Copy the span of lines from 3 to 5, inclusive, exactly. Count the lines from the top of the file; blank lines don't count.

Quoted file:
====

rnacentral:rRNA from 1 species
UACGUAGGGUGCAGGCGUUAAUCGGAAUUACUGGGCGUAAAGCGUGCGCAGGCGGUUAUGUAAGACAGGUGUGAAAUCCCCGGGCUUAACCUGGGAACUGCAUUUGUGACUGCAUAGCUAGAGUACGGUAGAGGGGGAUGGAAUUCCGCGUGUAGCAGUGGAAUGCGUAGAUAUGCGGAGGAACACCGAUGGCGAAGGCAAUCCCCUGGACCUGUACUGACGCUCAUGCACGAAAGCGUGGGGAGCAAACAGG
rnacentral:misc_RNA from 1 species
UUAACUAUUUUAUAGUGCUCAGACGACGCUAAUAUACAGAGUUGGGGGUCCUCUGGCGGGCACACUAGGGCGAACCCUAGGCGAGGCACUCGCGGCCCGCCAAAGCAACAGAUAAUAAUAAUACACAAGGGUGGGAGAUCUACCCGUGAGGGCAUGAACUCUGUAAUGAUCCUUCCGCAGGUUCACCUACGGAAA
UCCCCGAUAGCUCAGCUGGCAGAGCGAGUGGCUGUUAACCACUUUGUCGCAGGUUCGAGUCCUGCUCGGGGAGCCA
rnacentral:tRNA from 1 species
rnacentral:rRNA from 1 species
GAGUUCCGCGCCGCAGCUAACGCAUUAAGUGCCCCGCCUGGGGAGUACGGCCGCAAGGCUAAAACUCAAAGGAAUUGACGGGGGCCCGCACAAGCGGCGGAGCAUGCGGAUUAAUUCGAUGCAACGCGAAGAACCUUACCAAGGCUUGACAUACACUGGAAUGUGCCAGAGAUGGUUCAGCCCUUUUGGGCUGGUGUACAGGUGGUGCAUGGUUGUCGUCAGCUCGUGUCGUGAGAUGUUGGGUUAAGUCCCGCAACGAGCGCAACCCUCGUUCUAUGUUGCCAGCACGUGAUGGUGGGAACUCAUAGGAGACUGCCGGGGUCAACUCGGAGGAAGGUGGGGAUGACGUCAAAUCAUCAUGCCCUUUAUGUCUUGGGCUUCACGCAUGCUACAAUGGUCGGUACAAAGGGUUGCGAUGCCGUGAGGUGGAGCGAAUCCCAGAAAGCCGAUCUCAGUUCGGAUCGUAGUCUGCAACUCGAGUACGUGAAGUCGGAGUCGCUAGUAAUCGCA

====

rnacentral:misc_RNA from 1 species
UUAACUAUUUUAUAGUGCUCAGACGACGCUAAUAUACAGAGUUGGGGGUCCUCUGGCGGGCACACUAGGGCGAACCCUAGGCGAGGCACUCGCGGCCCGCCAAAGCAACAGAUAAUAAUAAUACACAAGGGUGGGAGAUCUACCCGUGAGGGCAUGAACUCUGUAAUGAUCCUUCCGCAGGUUCACCUACGGAAA
UCCCCGAUAGCUCAGCUGGCAGAGCGAGUGGCUGUUAACCACUUUGUCGCAGGUUCGAGUCCUGCUCGGGGAGCCA